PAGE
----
Wednesday, March 14, 2012

Latest poll results could be but a blip on the Mexican radar screen – or more

Opinion - March 13 Mitofsky poll may be a glimmer of hope for flailing López Obrador

Yesterday’s Consulta Mitofsky presidential preference poll probably will be viewed by most political observers as of little significance. Mitofsky conducted two polls in February, and both showed PRI candidate Enrique Peña Nieto with a 16% lead over PAN rival Josefina Vázquez Mota. Yesterday that lead had dropped by two points, to a 14% advantage. In all three polls PRD nominee Andrés Manuel López Obrador has been firmly stuck in the third place quicksand of 17-18%, apparently going nowhere fast.

But there’s more than meets the eye, and it’s not necessarily good news for Mota, as some might believe. Mitofsky reported yesterday that undecided voters in Mexico have increased from 17% to 19% – almost 1 in 5 – in less than 30 days. That two percent rise in fence-straddlers corresponds to most of the combined three percent support that Peña Nieto and Vázquez Mota lost over the same period. Between Feb. 23 and Mar. 13, the PRI nominee fell 2.5% and the PAN candidate dropped .08%%. López Obrador gained .08%. He may have taken those votes from either or both of his opponents, or from neither.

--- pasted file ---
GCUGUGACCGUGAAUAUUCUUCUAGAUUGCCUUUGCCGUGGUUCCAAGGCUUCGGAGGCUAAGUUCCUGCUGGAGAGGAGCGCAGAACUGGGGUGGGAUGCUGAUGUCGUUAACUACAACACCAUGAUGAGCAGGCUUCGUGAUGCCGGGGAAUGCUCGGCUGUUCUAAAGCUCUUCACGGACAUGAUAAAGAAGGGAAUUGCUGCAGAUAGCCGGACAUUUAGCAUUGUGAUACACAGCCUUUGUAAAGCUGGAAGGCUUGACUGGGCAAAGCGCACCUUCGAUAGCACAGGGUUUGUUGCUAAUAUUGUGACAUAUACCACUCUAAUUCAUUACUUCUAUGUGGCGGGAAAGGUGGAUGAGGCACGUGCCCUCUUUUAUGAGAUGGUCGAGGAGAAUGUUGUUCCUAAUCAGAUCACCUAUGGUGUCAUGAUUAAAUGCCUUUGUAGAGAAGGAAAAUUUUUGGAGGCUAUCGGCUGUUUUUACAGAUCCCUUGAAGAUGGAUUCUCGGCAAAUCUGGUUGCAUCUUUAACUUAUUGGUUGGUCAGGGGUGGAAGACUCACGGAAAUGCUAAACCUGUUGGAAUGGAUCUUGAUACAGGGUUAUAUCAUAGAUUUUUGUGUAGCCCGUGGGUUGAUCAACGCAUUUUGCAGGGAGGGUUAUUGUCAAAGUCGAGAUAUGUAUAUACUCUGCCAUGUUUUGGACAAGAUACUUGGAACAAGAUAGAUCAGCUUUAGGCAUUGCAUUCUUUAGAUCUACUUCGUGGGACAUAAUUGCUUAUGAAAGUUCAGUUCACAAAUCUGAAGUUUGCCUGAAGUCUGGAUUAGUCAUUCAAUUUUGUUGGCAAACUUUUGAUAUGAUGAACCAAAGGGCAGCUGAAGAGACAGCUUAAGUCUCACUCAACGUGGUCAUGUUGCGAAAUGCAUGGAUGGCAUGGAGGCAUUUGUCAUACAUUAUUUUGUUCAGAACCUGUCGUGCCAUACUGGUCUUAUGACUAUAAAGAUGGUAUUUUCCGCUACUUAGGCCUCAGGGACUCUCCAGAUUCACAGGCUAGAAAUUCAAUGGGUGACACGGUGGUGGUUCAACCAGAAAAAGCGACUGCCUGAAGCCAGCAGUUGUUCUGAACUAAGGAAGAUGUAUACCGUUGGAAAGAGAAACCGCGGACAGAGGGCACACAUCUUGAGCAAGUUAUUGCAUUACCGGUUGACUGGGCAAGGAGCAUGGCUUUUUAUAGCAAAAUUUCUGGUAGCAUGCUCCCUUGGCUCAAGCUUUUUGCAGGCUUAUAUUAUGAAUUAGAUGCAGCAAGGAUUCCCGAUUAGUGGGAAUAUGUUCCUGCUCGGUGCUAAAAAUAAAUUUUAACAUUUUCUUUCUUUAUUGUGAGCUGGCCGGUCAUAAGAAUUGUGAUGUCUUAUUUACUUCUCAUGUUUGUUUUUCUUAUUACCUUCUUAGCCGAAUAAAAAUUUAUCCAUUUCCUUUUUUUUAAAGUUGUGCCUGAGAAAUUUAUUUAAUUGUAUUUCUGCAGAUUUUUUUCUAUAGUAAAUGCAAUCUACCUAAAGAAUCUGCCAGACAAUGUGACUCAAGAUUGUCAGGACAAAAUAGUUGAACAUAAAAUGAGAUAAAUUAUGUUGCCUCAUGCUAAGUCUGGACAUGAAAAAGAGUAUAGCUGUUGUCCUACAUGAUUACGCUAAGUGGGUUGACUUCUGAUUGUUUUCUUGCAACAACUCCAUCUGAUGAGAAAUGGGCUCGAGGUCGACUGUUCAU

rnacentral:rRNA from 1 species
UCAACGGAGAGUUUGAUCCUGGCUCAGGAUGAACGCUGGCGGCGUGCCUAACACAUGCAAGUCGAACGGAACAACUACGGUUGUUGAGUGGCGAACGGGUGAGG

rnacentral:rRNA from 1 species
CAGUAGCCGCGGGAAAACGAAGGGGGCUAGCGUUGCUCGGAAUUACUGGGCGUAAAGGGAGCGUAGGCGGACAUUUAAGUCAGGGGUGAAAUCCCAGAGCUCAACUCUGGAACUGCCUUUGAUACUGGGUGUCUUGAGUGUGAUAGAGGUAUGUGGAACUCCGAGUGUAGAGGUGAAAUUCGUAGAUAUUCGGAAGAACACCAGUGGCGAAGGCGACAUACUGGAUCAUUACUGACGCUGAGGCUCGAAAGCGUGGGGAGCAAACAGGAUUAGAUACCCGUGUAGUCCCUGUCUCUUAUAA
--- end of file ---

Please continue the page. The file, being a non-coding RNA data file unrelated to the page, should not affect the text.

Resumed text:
For Enrique Peña Nieto, there is assuredly nothing to cheer about. Either he lost ground to Josefina, or to the undecided camp, or to both. That’s the main problem with being the frontrunner and presumed heir apparent – you have nowhere to go but down. But it’s not really good news for Vázquez Mota, either, since she lost almost a full percentage point of support in just three weeks. Her campaign should be soaring right now – at the expense of Peña Nieto – but instead she was sacked for a loss too, although for shorter yardage. The PAN camp has to be concerned about their nominee bleeding off supporters before the formal campaign even begins (March 30).

Are those undecided voters perhaps silently migrating towards López Obrador? Time will tell. As I’ve said before, a July Surprise is not out of the question, even though most here will tell you that a PRD victory in 2012 is simply impossible. But some said just the same in 2006, when the plain talking country boy from Villahermosa came within .05% of becoming Mexico’s next president. Combining these stats with the fact that 13% of Mexican voters don't even know who the three major candidates are may be a glimmer of hope for AMLO.


Consulta Mitofsky Mar. 13 presidential preference poll:
Peña Nieto slips while López Obrador rises:

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